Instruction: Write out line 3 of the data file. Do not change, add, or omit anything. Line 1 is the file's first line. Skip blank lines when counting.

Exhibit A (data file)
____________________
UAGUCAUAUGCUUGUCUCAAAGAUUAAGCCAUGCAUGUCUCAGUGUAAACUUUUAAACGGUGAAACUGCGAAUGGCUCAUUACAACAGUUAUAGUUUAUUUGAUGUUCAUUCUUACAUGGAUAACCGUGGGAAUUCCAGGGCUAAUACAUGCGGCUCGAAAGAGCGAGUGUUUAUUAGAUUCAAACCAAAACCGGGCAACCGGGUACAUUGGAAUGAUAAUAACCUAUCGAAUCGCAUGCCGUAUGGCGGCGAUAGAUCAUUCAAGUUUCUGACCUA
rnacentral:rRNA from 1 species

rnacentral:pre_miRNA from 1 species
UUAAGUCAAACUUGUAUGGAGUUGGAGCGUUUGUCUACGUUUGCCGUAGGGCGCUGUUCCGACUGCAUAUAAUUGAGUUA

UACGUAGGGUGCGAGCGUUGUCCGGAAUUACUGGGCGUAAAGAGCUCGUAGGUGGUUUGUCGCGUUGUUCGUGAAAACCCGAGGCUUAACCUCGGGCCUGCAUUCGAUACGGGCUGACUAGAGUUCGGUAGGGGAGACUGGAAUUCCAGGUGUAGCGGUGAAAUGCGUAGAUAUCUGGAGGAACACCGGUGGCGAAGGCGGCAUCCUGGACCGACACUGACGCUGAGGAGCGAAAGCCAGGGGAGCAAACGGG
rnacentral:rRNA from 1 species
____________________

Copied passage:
rnacentral:pre_miRNA from 1 species